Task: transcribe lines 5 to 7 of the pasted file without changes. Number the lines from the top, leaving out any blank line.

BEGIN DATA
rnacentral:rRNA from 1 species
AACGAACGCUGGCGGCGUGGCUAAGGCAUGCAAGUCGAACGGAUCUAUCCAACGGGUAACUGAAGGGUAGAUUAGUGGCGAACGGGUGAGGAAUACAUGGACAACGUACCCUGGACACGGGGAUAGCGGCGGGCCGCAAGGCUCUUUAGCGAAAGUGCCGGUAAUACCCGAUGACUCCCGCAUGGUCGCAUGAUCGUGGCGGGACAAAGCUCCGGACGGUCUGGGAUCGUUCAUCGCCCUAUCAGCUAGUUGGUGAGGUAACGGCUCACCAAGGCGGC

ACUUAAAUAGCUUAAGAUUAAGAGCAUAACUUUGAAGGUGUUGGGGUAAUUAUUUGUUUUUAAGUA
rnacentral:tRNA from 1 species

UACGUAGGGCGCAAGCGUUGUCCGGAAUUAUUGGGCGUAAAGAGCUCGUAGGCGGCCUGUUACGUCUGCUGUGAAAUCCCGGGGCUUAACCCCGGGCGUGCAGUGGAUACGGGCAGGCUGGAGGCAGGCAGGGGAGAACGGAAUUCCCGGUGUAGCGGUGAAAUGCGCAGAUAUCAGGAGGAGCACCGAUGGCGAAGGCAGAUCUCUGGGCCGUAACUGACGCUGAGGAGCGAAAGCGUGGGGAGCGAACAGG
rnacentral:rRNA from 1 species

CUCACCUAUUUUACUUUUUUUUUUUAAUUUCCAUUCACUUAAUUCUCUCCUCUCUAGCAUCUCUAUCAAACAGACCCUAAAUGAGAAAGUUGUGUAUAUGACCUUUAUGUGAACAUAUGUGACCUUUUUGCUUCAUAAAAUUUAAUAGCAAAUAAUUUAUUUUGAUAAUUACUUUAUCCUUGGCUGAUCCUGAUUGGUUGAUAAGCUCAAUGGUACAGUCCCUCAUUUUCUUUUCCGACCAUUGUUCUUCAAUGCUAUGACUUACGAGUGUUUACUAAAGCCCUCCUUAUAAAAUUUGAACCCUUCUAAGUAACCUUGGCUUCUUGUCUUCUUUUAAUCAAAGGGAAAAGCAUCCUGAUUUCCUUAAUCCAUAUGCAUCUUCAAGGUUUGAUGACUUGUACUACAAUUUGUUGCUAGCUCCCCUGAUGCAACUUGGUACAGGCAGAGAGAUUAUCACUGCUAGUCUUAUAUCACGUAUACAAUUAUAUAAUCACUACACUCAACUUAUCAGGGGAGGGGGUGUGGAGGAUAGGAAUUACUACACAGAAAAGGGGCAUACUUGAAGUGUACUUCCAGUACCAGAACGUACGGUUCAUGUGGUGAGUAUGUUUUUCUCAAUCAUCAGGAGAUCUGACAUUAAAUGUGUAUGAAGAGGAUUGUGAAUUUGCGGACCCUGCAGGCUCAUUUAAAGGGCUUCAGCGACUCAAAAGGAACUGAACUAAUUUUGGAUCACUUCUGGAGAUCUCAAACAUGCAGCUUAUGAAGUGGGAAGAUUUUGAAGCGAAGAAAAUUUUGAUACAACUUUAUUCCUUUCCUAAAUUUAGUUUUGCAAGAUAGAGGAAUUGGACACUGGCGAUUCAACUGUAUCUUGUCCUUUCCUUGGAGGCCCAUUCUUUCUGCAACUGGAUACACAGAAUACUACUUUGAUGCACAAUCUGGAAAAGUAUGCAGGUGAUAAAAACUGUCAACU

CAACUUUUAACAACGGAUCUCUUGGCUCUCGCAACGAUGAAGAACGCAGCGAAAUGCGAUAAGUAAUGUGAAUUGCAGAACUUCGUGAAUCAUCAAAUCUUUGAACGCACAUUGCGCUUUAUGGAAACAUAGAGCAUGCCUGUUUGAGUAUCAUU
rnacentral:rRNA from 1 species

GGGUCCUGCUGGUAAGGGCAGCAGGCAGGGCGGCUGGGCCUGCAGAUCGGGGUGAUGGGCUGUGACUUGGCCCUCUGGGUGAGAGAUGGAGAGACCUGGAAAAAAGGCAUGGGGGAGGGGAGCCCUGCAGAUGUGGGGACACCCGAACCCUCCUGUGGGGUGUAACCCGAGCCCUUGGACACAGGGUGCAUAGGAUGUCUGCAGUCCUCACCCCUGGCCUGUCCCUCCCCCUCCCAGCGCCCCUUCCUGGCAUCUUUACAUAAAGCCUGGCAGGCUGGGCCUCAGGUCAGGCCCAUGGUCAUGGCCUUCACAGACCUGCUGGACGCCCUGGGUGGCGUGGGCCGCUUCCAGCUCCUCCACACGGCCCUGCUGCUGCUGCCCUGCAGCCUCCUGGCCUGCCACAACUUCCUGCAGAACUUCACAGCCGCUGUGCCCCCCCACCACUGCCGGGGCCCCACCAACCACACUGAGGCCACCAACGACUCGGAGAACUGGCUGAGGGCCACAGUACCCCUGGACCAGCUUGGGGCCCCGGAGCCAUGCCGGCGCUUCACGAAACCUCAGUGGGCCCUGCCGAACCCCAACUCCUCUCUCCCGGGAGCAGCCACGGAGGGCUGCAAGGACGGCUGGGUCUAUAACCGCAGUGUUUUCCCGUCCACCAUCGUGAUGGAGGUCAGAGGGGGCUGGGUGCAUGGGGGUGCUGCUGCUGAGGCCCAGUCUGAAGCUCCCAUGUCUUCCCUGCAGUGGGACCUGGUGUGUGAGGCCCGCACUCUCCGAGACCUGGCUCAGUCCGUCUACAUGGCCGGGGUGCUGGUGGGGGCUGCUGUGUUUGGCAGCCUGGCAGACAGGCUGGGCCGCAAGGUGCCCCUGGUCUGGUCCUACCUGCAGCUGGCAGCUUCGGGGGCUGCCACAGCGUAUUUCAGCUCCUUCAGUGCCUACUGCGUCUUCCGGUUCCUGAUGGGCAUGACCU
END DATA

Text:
UACGUAGGGCGCAAGCGUUGUCCGGAAUUAUUGGGCGUAAAGAGCUCGUAGGCGGCCUGUUACGUCUGCUGUGAAAUCCCGGGGCUUAACCCCGGGCGUGCAGUGGAUACGGGCAGGCUGGAGGCAGGCAGGGGAGAACGGAAUUCCCGGUGUAGCGGUGAAAUGCGCAGAUAUCAGGAGGAGCACCGAUGGCGAAGGCAGAUCUCUGGGCCGUAACUGACGCUGAGGAGCGAAAGCGUGGGGAGCGAACAGG
rnacentral:rRNA from 1 species

CUCACCUAUUUUACUUUUUUUUUUUAAUUUCCAUUCACUUAAUUCUCUCCUCUCUAGCAUCUCUAUCAAACAGACCCUAAAUGAGAAAGUUGUGUAUAUGACCUUUAUGUGAACAUAUGUGACCUUUUUGCUUCAUAAAAUUUAAUAGCAAAUAAUUUAUUUUGAUAAUUACUUUAUCCUUGGCUGAUCCUGAUUGGUUGAUAAGCUCAAUGGUACAGUCCCUCAUUUUCUUUUCCGACCAUUGUUCUUCAAUGCUAUGACUUACGAGUGUUUACUAAAGCCCUCCUUAUAAAAUUUGAACCCUUCUAAGUAACCUUGGCUUCUUGUCUUCUUUUAAUCAAAGGGAAAAGCAUCCUGAUUUCCUUAAUCCAUAUGCAUCUUCAAGGUUUGAUGACUUGUACUACAAUUUGUUGCUAGCUCCCCUGAUGCAACUUGGUACAGGCAGAGAGAUUAUCACUGCUAGUCUUAUAUCACGUAUACAAUUAUAUAAUCACUACACUCAACUUAUCAGGGGAGGGGGUGUGGAGGAUAGGAAUUACUACACAGAAAAGGGGCAUACUUGAAGUGUACUUCCAGUACCAGAACGUACGGUUCAUGUGGUGAGUAUGUUUUUCUCAAUCAUCAGGAGAUCUGACAUUAAAUGUGUAUGAAGAGGAUUGUGAAUUUGCGGACCCUGCAGGCUCAUUUAAAGGGCUUCAGCGACUCAAAAGGAACUGAACUAAUUUUGGAUCACUUCUGGAGAUCUCAAACAUGCAGCUUAUGAAGUGGGAAGAUUUUGAAGCGAAGAAAAUUUUGAUACAACUUUAUUCCUUUCCUAAAUUUAGUUUUGCAAGAUAGAGGAAUUGGACACUGGCGAUUCAACUGUAUCUUGUCCUUUCCUUGGAGGCCCAUUCUUUCUGCAACUGGAUACACAGAAUACUACUUUGAUGCACAAUCUGGAAAAGUAUGCAGGUGAUAAAAACUGUCAACU